3 Reasons Google Won't Steal Sunday Ticket From DIRECTV

The Internet has long been talked for its cable-killing potential. However, even after the rise of high-quality streaming services like Netflix, the cable industry has largely remained resilient to disruption.

Professional football was recently another focal point of this long-discussed trend when none other than search goliath Google's (NASDAQ: GOOGL  ) name surfaced as a potential bidder for the upcoming round for the broadcast rights for the NFL's Sunday Ticket programming. This gave shareholders of satellite provider DIRECTV (NASDAQ: DTV  ) fits, as the service has become an increasingly integral part of its business. So will Google, with its billions in the bank, enter uncharted territory by bringing big-ticket sports online, or DIRECTV fight off what could be a death blow? In the video below, Fool contributor Andrew Tonner gives investors three reasons why DIRECTV is likely to hold onto Sunday Ticket in its next negotiations.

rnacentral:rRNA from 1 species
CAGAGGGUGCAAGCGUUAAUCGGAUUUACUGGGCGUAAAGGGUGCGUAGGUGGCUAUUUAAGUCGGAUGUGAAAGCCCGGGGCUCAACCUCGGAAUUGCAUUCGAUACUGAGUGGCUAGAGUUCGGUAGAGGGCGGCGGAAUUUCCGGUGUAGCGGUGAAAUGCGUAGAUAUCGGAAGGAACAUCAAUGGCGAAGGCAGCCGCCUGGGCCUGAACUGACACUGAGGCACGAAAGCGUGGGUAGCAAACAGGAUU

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  • Report this Comment On September 20, 2013, at 9:34 AM, effingjedimaster wrote:

    There are only a couple of issues with this article. For one, Directv has now said a few times, they are no longer interested in their arrangement with the NFL and this package. They pay in a billion a year, and only have around $750 million in subscribers, etc.

    Also, they have continued to see reduced numbers of general subscribers, especially with that package because of the availability of streaming for this. With high speed internet available in more areas, and the prevalence of people wanting to not have traditional cable, more and more people are willing to go this route.

    Look for Google to take this over, and unlike Directv., actually make money doing it.

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